"It's hard to get mad at the town with a summer like this," Richard Pabst said, about the harsh rain storms this June, some bringing down 5 inches of water in very short time spans.
Currently engineers are digging Glendora Road residents out of their drainage problems. More swales will be dug next spring, Seitz said.
"We've sent letters out to those who sustained massive damage from flooding," he said. "Once we get the 'okay' we'll go in and handle these inspections on case-by-case basis and go from there."
Cicero Deputy Supervisor Jim Corl made history when he scripted legislation -- which was later passed by the board -- that limits where sex offenders can live in the town of Cicero. Under the law, registered level 2 and 3 sex offenders can not live within a mile of a school or daycare center, or within 1500 feet of a playground or park entrance.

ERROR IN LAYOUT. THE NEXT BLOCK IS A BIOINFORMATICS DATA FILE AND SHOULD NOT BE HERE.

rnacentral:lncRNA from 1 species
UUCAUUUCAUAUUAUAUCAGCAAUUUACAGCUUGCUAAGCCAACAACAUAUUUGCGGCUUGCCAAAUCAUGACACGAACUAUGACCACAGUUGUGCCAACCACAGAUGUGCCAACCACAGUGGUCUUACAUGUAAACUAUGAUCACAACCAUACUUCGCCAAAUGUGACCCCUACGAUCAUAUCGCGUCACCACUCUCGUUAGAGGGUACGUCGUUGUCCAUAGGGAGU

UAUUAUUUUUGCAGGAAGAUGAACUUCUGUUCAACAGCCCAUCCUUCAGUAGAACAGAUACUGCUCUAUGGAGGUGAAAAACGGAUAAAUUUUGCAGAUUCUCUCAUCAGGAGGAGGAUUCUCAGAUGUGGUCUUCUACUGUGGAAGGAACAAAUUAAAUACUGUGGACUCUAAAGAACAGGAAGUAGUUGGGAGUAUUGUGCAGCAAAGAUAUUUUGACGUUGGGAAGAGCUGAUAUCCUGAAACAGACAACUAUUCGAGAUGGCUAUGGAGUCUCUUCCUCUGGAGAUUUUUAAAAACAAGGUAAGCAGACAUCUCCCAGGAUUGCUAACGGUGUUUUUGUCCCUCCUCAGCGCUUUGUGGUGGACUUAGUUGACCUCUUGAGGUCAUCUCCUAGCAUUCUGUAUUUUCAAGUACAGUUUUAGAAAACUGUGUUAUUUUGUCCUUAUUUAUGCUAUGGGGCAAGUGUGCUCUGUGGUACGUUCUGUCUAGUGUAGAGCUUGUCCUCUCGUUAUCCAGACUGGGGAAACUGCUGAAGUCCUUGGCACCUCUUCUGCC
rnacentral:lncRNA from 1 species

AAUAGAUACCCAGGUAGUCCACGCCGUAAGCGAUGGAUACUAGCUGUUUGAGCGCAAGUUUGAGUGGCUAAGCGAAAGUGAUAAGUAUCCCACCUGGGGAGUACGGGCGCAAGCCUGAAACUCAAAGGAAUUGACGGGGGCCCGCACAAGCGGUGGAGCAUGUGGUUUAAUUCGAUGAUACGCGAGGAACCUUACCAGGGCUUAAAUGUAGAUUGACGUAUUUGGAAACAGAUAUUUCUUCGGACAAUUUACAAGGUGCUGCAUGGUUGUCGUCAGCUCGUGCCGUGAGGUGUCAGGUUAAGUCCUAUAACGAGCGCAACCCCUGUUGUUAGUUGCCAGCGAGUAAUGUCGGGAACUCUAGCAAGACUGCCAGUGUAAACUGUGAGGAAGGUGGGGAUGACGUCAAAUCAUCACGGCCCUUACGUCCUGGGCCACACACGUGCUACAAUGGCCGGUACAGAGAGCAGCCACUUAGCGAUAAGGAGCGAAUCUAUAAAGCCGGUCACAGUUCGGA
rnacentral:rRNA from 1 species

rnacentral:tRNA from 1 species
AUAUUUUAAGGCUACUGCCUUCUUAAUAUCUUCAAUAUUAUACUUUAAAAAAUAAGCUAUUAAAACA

"This legislation targets those most dangerous to our children, level 2 and 3 sex offenders."
The board also settled the decade-long debate on where to put to adult businesses in town. The decision was to put them very far away -- Oxbow Road far away.
"It's really a simple idea," Corl said. "Get them as far away from the center of town as possible."
North Syracuse politics
In North Syracuse, there were dollar signs in officials' eyes, but many of the applied-for-grants only came through partially. The debate over a new village hall was sparked by a former board resident, and scandal ripped through the village police department. Here's a taste of what else happened:
Deputy Mayor Diane Browning, along with village Masons, launched a free ID card program for seniors, which turned out to be immensely popular, according to Browning. "We had hundreds come out in just one day," she said. "It was so popular, that we decided to extend it into December!"